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Indian J Public Health. 2018 Oct-Dec;62(4):305-307. doi: 10.4103/ijph.IJPH_314_17.

Report from a symposium on accelerating policy-driven action against excessive sugar consumption for the prevention of early childhood caries and noncommunicable diseases.

Author information

1
Chief, Centre for Dental Education and Research, All India Institute of Medical Sciences, New Delhi, India.
2
Director, WHO Collaborating Centre for Nutrition and Oral Health, Newcastle University, Chandigarh, India.
3
Assistant Professor, Centre for Dental Education and Research, All India Institute of Medical Sciences, New Delhi, India.
4
Senior Resident, Centre for Dental Education and Research, All India Institute of Medical Sciences, New Delhi, India.
5
Assistant Professor, PGIMER, Chandigarh, India.
6
Former SRF, Centre for Dental Education and Research, All India Institute of Medical Sciences, New Delhi, India.

Abstract

Dental diseases and other noncommunicable diseases (NCDs) share common risks. Omnipresent and easily available sugars are a contributing risk factor for overweight, obesity, and diabetes. In addition, sugar consumption is known to cause dental caries in early childhood (early childhood caries) and in adults. It has been noticed that the prevalence of NCDs is increasing each year, leading to 70% of deaths. A symposium of diverse academicians was convened to identify the gaps in evidence, policy, and advocacy for action on sugars, emphasizing on its detrimental effects on oral health. Existence of policies on sugars, experiences of other countries, feasibility in India, and the role of public health dentists, public, and stakeholders were discussed. Policy priorities in India and advocacy to strengthen action against inappropriate sugar intake could help address the growing burden of sugar-related NCDs. Recommendations to this end were put forth by the panel of experts.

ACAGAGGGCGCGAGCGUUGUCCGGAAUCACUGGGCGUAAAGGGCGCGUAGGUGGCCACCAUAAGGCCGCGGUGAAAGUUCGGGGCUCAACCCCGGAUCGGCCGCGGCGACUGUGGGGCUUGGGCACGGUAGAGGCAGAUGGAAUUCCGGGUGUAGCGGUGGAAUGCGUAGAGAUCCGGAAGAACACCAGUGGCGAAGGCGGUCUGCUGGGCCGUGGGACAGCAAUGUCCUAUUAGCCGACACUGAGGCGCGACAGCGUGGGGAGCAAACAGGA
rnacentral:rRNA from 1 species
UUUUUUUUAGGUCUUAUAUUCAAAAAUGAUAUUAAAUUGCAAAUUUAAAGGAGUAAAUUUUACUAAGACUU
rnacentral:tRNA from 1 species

KEYWORDS:

Dental decay; early childhood caries; noncommunicable diseases; policy; public health; sugars

PMID:
30539895
DOI:
10.4103/ijph.IJPH_314_17
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